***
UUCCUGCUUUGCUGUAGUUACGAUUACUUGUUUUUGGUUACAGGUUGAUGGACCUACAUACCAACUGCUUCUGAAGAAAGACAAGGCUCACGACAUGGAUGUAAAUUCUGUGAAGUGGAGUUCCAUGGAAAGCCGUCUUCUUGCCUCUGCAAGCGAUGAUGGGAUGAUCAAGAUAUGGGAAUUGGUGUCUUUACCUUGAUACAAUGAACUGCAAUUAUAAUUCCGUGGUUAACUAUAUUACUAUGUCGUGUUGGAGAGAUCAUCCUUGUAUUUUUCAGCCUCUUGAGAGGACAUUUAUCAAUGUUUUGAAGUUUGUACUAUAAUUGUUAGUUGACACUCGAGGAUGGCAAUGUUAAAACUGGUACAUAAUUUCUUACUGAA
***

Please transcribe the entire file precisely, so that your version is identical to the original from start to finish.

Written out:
UUCCUGCUUUGCUGUAGUUACGAUUACUUGUUUUUGGUUACAGGUUGAUGGACCUACAUACCAACUGCUUCUGAAGAAAGACAAGGCUCACGACAUGGAUGUAAAUUCUGUGAAGUGGAGUUCCAUGGAAAGCCGUCUUCUUGCCUCUGCAAGCGAUGAUGGGAUGAUCAAGAUAUGGGAAUUGGUGUCUUUACCUUGAUACAAUGAACUGCAAUUAUAAUUCCGUGGUUAACUAUAUUACUAUGUCGUGUUGGAGAGAUCAUCCUUGUAUUUUUCAGCCUCUUGAGAGGACAUUUAUCAAUGUUUUGAAGUUUGUACUAUAAUUGUUAGUUGACACUCGAGGAUGGCAAUGUUAAAACUGGUACAUAAUUUCUUACUGAA